Threat Management

UK wards off hacker’s extradition to US

British courts have concluded that Gary McKinnon, who was accused of hacking computers belonging to NASA and the U.S. military, will not face extradition to the U.S. – an outcome McKinnon battled for years following his 2002 arrest.

Britain's Home Secretary Theresa May withdrew the extradition order against him on Tuesday, citing that McKinnon suffered from depressive illness and Asperger's syndrome, a form of autism.

“Mr. McKinnon is accused of serious crimes, but there is also no doubt that he is seriously ill,” May said. She later said the move to extradite him to the U.S. could result in a suicide attempt on his part.  

“I have concluded that Mr. McKinnon's extradition would give rise to such a high risk of him ending his life, that the decision to extradite would be incompatible with Mr. McKinnon's human rights,” she added.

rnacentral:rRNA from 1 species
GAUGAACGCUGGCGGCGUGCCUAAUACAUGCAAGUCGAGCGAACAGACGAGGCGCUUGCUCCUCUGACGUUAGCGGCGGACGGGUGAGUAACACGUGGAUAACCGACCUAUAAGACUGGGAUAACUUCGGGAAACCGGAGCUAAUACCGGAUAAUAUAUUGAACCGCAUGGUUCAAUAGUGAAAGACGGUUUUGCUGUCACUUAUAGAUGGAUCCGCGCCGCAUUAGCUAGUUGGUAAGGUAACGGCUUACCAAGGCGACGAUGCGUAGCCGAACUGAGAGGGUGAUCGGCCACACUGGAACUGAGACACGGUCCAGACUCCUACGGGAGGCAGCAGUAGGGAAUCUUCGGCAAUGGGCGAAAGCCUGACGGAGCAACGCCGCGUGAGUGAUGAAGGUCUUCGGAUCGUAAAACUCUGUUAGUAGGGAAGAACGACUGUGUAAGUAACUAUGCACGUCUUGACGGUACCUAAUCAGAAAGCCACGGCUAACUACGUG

U.S. officials accused McKinnon, 46, of hacking into 97 computers belonging to the government, including those of NASA, the Pentagon, Air Force, Army and Navy. He allegedly deleted and accessed sensitive information on the computers from his London home between 2001 and 2002, costing the government $700,000 in damages.

McKinnon said that his motives were to uncover evidence of UFOs that the U.S. government was hiding. If extradited to the U.S., McKinnon would have faced up to 60 years in prison.

It is now up to British courts to decide whether McKinnon will face charges in the U.K., May said.

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